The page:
Sarawak/ The State

Sarawak is the largest of the 13 states that make up Malaysia. Covering an area of about 124,000 sq km, it stretches some 700 km along the northwestern coast of Borneo (the third largest island in the world) and is flanked by Kalimantan (Indonesia) in the south, and Sabah and Brunei in the north.

Separated from Peninsula Malaysia by the South China Sea, it has a warm and equable climate, with an average annual temperature of 25.6 deg C. The rainy season or landas is between November and February. The average annual rainfall is between 330 cm and 460 cm.

Sarawak's history is colourful, filled with adventure, piracy, head-hunting and romance. When English adventurer James Brooke arrived in 1839, Sarawak was rebelling under the rule of the Brunei sultanate. As a reward for the role he played in quelling the rebellion, the Pengiran Mahkota of Brunei made Brooke the Rajah of Sarawak in 1841. James was succeeded by his nephew Charles Brooke in 1868, who, in turn was succeeded by his eldest son, Charles Vyner, in 1917.

During the second World War, Sarawak was occupied by the Japanese forces, but it was subsequently ceded to Britain after the war and became a British Crown Colony. On 16th September 1963, Sarawak joined the Federation of Malaysia, and today she observes a democratic system of government.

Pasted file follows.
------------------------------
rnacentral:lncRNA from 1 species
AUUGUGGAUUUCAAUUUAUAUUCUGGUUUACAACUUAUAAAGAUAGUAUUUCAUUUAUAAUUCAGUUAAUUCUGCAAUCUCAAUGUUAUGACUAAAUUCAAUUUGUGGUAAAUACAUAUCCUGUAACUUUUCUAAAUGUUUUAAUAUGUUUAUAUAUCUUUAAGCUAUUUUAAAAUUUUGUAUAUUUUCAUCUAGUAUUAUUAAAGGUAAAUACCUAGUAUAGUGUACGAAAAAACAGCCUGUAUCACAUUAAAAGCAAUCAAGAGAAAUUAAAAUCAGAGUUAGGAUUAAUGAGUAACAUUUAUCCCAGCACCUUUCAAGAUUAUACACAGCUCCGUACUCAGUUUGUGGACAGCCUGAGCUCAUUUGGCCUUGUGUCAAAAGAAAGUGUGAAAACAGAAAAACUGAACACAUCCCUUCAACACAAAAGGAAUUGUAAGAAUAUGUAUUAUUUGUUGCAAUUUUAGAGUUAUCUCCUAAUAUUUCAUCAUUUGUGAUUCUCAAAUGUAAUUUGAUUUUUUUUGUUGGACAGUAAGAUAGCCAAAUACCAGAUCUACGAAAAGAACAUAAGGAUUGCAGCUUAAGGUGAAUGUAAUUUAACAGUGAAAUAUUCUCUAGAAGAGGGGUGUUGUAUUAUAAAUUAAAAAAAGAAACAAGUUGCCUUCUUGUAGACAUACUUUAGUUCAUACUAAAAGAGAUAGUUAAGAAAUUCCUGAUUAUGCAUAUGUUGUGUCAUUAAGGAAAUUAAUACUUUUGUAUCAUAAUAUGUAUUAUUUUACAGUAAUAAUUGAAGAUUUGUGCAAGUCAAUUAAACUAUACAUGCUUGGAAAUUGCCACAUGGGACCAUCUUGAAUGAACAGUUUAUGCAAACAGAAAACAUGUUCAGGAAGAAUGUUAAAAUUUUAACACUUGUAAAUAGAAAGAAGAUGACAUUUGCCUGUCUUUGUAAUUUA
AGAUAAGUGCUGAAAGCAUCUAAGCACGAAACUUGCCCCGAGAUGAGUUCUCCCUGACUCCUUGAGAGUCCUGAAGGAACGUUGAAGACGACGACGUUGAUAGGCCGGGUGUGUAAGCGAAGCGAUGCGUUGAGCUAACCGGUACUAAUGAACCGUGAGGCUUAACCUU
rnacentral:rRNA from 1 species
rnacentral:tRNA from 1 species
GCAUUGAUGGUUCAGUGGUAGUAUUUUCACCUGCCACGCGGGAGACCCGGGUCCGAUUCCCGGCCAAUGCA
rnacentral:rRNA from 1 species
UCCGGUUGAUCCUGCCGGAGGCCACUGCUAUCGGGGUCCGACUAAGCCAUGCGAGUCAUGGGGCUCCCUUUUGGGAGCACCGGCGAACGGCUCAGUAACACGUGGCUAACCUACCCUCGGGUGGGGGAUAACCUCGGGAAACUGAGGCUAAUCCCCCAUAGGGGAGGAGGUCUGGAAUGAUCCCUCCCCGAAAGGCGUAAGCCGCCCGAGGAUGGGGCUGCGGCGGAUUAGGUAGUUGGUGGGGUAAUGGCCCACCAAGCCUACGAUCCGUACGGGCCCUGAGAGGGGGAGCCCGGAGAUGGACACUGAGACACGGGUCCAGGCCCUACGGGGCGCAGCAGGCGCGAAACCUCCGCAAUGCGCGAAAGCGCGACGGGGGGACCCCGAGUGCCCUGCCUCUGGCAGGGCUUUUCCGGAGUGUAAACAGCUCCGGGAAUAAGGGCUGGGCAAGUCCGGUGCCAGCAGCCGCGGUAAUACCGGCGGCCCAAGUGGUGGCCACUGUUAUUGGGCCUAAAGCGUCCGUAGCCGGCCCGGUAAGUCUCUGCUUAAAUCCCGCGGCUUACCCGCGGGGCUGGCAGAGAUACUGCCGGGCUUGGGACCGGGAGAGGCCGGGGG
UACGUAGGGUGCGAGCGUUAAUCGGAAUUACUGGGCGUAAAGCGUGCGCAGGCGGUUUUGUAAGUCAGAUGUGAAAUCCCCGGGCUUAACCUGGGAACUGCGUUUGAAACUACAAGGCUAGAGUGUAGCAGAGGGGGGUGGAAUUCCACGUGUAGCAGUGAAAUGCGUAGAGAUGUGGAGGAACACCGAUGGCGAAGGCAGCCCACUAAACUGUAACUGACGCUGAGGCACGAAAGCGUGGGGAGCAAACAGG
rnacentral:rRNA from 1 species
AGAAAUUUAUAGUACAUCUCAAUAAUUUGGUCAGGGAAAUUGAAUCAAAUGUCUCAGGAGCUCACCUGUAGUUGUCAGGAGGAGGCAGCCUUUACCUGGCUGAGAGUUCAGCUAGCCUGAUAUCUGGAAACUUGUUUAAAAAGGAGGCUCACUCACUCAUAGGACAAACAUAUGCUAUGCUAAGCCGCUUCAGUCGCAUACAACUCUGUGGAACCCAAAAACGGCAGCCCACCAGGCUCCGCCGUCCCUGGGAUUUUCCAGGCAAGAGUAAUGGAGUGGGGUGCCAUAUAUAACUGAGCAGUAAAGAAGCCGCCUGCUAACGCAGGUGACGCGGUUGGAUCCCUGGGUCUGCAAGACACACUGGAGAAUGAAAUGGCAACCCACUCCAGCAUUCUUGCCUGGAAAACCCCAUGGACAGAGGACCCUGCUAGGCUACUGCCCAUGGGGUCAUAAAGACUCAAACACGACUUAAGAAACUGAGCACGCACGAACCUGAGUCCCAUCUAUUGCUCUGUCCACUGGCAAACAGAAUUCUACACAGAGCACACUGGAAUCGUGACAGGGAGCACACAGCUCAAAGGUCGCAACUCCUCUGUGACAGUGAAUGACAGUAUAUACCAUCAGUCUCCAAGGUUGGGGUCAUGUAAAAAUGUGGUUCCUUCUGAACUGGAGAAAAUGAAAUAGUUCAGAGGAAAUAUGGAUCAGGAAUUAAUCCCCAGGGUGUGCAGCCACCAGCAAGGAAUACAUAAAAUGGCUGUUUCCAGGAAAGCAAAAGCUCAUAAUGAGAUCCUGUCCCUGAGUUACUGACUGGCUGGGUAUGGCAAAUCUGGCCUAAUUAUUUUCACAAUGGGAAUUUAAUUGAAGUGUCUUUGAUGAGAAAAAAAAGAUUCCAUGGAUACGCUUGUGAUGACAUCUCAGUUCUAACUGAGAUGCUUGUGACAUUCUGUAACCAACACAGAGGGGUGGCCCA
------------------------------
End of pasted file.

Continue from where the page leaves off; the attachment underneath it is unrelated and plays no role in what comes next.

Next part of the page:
Kuching (pop. 306,000) is the economic and political centre of the state, and was declared a city on 1st August, 1988. Miri, the longest town, lies next to the oil-rich sultanate of Brunei.

It's economy is largely dependent on its rich natural resources, particularly oil, liquefied natural gas. (LNG), timber and the famous Sarawak black and white pepper. Nevertheless, it is also a state developed in agriculture, commerce, and industries. Apart from the petroleum products and timber, other important exports are coconut oil, rubber, palm oil, cocoa beans and urea. Its tourism industry is growing and fulfilling its tremendous potential.

The Iban forms the largest indigenous group, comprising 29.6% of the population, while Chinese comprises 29.1%, Malay - 20.7% Bidayuh (formerly known as Land Dayaks) - 8.4%, Melanau - 5.8%. Other indigenous peoples of Sarawak fall under the orang ulu ethnic category and make up a further 5.4% of the population.

Although Islam is the official religion of the state, the people of Sarawak enjoy religious freedom. Christianity, Buddhism and Hinduism are widely practised , while some forms of paganism still exists in the rural interior.

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